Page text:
2012 Buick Regal GS
270 horsepower and 295 pound-feet of torque from a 2.0-liter, direct-injected, turbocharged four-cylinder engine.
0-60 mph in 6.7 seconds
The bragging rights:
The fastest (new) Buick you can buy.
Base price is $35,310; $38,350 as tested
Looking to simultaneously lower the average age of a Buick buyer to below 118 years old
inject into the brand some enthusiast street cred with buyers of
and Japanese sport sedans, Buick and parent
looked to Europe and brought to the U.S. a car sold under GM's German brand Opel.
Not only is it the fastest Buick you can buy in the states (which some consider akin to the "healthiest Big Mac"), it also comes with a six-speed manual transmission as standard equipment. A six-speed automatic transmission will be an option later this year. Other modifications hinting at the GS' aggressive inclinations are Brembo four-piston front brakes; a Drive Control System with normal, Sport and GS modes that progressively firm up the suspension's damping level and increase steering resistance; and a four-wheel independent suspension that's 10 millimeters lower.
Also noteworthy about the GS's suspension is that the front setup also has incorporated into it something Buick calls HiPer Strut. It's designed to reduce torque steer on the car, a worthwhile goal since this GS is front-wheel drive and pushing 270 horsepower through only the front wheels would otherwise cause them to get a bit squirrelly under hard acceleration.
Other upgrades to the GS over the Regal Turbo include 19-inch wheels; aggressive front and rear bumpers; dual chrome-tipped exhaust outlets; and an extra-thick, leather-wrapped, flat-bottomed steering wheel.
My tester added to that a navigation system with 7-inch touchscreen; a sunroof; 20-inch alloy wheels wrapped in summer tires; and some extra-sparkly (technical term) metallic black paint.
On the spectrum of driving, this car is wonderful from "This is us in a drive-through" right up to "For the love, where's the fire?" Everything about the driving experience is composed and capable. The chassis has a solid, European feel to it; it's clear this car's suspension was tuned across the pond as it falls on the stiff side of comfortable, but this is a good thing. Body roll is nicely controlled and the car has plenty of grip throughout turns, a trait undoubtedly helped by my tester's extra-grippy tires. Putting the car into GS mode reduces body roll further, and noticeably tightens up the steering. Sport mode is largely moot; either you're driving hard or you're not.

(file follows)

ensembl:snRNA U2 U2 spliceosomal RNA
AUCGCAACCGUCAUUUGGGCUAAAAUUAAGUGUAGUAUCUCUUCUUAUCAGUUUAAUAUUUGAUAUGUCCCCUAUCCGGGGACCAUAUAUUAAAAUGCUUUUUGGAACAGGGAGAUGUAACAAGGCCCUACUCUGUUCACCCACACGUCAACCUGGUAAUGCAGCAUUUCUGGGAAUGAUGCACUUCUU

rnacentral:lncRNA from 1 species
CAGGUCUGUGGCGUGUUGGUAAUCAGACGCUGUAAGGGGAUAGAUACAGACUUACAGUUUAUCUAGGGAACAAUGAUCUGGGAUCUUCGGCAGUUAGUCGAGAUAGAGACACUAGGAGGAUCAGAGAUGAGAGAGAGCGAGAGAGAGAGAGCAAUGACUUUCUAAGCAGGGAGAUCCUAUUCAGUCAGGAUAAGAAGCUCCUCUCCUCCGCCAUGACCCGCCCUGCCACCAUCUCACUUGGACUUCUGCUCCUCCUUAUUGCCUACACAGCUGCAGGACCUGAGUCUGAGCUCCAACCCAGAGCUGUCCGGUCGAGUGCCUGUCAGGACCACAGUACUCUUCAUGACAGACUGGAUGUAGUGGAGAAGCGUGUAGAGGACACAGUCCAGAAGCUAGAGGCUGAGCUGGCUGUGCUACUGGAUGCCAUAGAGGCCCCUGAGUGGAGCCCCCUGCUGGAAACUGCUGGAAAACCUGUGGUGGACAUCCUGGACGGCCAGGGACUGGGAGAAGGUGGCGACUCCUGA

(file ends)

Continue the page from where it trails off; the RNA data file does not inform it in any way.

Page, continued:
The engine's power is excellent and this car loves to accelerate, though with peak torque coming a little late (for a turbo) at 2,400 rpm, the GS takes a moment to get moving rapidly. This is more a byproduct of the car's 3,700-pound curb weight rather than turbo lag, since there really isn't any.
But once you get moving, this car enjoys a spirited freeway cruise or trek over sweeping canyon roads. The car's Buick nameplate combines with its stout engine to also make this car a bit of a sleeper, though the 20-inch wheels and more aggressive front may key fellow drivers into the fact that this isn't papa's Roadmaster.
What everyone will notice is this car's turbo whine. Some fans of forced-induction love this noise, but to these ears it just sounded like the car was having a prolonged
attack. It was much more of an annoyance than a reminder that you were driving a performance-oriented sedan.
Unfortunately, the Regal GS reveals a few more flaws when you take it past that "For the love" point on the aggression spectrum and really start beating on it.
The first issue is a transmission that's a bit of a mess. The clutch pedal has a nice response to it, but the shifter is too notchy and imprecise. It's just not a fun car to shift and has none of the satisfying "nailed it" feeling other shifters (even in less-powerful cars) can have.
Next, the HiPer strut system definitely works to reduce torque steer, but when pulling hard away from a stop or out of tight corners the driver definitely still has to wrestle with the steering wheel a bit. It's in those curves that the car also seems to fuss a bit to find enough traction to accelerate smoothly and as quickly as the driver wants.
Finally, an overly aggressive stability control system, even when "disabled," seems too outdated for a car that is ostensibly engineered to be driven hard. It doesn't seem to know the difference between the driver just trying to have some fun and that driver just trying to avoid a tree and will cut in just when you start to have fun.
But if you're going to be doing this kind of driving regularly, a 3,700-pound, front-wheel drive car probably isn't what you're looking to buy anyway. Just don't buy it expecting BMW handling.